Looking to install outdoor lighting -- without the elaborate and costly installation? The Wall Street Journal's Michael Hsu offers a guide to outdoor solar lights for your garden or patio.
The Wall Street Journal's Rolfe Winkler talks the growing business of digitizing the doctor's office with a look at Outcome Health, a company specializing in digital posters and pamphlets in doctor's waiting rooms.
Now that Uber has fired its top driverless-car executive Anthony Levandowski, the Wall Street Journal's Jack Nicas talks where the company's bid to contain a spiraling legal battle with Google parent Alphabet goes from here.
The Wall Street Journal's Sarah E. Needleman and Brian Fitzgerald explain how Nintendo has been pitted against companies like Apple as tech giants are gobbling up the same parts Nintendo needs to make its hit Switch machine.
The Wall Street Journal's Deepa Seetharaman has Instagram CEO Kevin Systrom's take everything from the app's next set of challenges, to its relationship with Facebook and the constant competition with Snap.
On the heels of Ford's recent CEO restructuring, the Wall Street Journal's Christopher Mims talks how investors and boards are hunting for corporate leaders who can move quickly to fend off upstarts and place big bets on disruptive tech.
The Wall Street Journal's Brian Fitzgerald discusses how Facebook CEO Mark Zuckerberg's Harvard commencement speech sheds light on how dropping out to launch a startup has gained allure in the tech industry.
With Mixer, Microsoft is joining Facebook in making a late entry into a hot market dominated by Amazon and Alphabet. The Wall Street Journal Sarah E. Needleman has the details.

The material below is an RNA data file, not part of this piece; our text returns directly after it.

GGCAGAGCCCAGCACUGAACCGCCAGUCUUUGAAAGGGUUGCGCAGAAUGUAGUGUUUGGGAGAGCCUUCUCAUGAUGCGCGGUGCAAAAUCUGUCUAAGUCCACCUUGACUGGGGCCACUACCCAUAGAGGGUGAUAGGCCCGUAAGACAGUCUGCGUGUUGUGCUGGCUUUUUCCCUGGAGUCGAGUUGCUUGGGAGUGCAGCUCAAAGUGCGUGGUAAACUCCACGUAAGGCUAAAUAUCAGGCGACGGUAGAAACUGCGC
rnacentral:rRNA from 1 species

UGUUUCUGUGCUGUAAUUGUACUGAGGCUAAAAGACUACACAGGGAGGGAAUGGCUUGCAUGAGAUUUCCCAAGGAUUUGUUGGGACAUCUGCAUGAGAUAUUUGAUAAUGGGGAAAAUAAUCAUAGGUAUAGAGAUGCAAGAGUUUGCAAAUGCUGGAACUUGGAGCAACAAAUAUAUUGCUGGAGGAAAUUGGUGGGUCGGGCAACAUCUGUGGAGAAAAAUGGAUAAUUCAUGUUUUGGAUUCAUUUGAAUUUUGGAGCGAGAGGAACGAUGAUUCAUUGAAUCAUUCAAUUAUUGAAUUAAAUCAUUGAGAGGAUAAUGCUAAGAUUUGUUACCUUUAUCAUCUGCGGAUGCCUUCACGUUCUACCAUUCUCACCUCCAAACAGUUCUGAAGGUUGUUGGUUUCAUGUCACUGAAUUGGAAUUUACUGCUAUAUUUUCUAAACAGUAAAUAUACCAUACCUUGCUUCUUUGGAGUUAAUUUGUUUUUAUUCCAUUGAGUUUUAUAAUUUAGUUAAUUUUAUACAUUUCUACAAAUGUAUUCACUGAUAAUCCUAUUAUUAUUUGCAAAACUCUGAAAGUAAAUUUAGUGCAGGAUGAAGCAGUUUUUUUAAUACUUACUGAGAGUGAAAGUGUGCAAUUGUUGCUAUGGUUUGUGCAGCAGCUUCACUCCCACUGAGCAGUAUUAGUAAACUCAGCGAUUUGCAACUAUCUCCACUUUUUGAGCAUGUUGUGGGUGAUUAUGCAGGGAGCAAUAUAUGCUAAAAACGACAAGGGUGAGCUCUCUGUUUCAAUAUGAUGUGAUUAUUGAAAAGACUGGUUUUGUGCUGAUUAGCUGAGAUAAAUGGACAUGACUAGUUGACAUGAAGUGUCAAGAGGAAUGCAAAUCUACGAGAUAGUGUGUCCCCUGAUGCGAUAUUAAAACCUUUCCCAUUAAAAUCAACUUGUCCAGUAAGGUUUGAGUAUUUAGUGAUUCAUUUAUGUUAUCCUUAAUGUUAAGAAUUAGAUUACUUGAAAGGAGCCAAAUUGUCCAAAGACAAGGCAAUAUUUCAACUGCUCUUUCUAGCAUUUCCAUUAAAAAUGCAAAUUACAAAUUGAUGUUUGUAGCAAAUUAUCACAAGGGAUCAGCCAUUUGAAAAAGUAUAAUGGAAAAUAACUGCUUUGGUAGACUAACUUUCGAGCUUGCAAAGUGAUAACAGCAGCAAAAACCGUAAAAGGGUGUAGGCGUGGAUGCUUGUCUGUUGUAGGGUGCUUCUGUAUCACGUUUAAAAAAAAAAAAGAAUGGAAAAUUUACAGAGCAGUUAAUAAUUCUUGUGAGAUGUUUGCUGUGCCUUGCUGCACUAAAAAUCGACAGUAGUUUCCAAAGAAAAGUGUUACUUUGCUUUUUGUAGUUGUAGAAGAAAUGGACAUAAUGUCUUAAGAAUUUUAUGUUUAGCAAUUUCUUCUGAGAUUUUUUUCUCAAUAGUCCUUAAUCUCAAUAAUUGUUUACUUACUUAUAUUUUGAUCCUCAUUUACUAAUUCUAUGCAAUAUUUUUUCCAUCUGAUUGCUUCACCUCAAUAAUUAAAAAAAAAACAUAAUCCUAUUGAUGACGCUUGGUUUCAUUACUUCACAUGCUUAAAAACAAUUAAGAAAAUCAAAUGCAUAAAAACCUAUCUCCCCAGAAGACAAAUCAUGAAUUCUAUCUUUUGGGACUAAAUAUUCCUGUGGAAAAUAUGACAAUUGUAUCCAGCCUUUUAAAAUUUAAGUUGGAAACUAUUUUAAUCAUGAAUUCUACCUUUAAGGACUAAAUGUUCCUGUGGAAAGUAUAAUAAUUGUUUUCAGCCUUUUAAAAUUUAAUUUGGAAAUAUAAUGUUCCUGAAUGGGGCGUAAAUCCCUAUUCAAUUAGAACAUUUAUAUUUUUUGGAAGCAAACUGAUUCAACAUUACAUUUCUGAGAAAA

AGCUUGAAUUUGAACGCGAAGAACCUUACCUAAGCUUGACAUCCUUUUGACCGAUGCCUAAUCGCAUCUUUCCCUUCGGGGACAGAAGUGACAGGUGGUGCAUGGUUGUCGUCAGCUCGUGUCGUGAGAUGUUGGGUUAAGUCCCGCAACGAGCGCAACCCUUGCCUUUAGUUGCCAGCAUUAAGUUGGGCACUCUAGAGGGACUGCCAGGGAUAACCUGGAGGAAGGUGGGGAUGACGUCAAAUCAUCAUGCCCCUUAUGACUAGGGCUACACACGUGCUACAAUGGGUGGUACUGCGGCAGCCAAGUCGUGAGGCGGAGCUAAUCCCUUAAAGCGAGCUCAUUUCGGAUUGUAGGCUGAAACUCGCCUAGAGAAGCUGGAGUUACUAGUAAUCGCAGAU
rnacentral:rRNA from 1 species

The Wall Street Journal's Khadeeja Safdar discusses the speed at which technology is changing the retail industry, and how companies like J.Crew are digitally shifting their focus for a more accessible image.
The Wall Street Journal's Geoffrey Fowler breaks down just how much of your personal information is out there -- and how you can avoid making yourself a data-target.
Uber revealed that it mistakenly underpaid its New York City drivers for years, an error that could cost it millions of dollars. The Wall Street Journal's Greg Bensinger talks where this leaves the company's contentious relationship with its 1.5 million drivers.
The Wall Street Journal's Robert McMillan discusses the newest cybersecurity dangers as details emerge about how the hacking group critical in the WannaCry attack has been releasing alleged National Security Agency secrets for the past eight months.
After revenue for the entire Surface line of computers sank 26% last month, the Wall Street Journal's Brian Fitzgerald talks whether a new Surface Pro tablet-laptop can revive the product line and give Microsoft the boost it needs.
As women remain an underserved market in financial services, a new fintech app that uses artificial intelligence and psychology aims to change that. MarketWatch reporter Maria LaMagna has the details.
As IT security becomes one of the fastest-growing categories in tech, the Wall Street Journal's Christopher Mims discusses how the rise of cyberthreats have transformed IT jobs into professions that treat cybersecurity as a top priority.